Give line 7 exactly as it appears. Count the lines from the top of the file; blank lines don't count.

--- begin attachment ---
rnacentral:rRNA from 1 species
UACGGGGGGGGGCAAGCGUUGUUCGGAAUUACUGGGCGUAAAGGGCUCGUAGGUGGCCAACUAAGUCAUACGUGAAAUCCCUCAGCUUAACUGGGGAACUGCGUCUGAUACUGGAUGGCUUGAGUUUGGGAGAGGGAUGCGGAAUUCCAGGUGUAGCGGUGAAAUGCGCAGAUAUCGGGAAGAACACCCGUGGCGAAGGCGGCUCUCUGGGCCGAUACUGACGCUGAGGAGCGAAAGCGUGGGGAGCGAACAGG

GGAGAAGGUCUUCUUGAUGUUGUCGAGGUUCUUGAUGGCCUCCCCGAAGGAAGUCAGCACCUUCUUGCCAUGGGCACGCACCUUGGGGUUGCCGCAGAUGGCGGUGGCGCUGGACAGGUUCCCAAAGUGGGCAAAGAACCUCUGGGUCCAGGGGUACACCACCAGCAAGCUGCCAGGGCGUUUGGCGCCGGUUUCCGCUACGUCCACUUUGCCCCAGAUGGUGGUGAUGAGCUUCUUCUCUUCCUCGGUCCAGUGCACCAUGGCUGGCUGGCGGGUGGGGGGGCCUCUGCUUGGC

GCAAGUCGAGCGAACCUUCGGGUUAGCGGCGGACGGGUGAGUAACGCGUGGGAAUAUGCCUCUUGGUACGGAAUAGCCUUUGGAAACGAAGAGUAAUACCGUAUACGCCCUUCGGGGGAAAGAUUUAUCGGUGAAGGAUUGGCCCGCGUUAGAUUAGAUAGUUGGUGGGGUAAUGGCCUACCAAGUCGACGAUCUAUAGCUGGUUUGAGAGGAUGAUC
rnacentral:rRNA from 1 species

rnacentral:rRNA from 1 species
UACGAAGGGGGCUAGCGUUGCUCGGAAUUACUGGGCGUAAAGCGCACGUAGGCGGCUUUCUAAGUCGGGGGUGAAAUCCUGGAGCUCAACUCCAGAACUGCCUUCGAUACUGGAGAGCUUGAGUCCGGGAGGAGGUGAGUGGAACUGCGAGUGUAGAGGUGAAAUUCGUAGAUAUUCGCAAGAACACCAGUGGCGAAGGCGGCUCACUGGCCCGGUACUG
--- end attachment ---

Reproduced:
UACGAAGGGGGCUAGCGUUGCUCGGAAUUACUGGGCGUAAAGCGCACGUAGGCGGCUUUCUAAGUCGGGGGUGAAAUCCUGGAGCUCAACUCCAGAACUGCCUUCGAUACUGGAGAGCUUGAGUCCGGGAGGAGGUGAGUGGAACUGCGAGUGUAGAGGUGAAAUUCGUAGAUAUUCGCAAGAACACCAGUGGCGAAGGCGGCUCACUGGCCCGGUACUG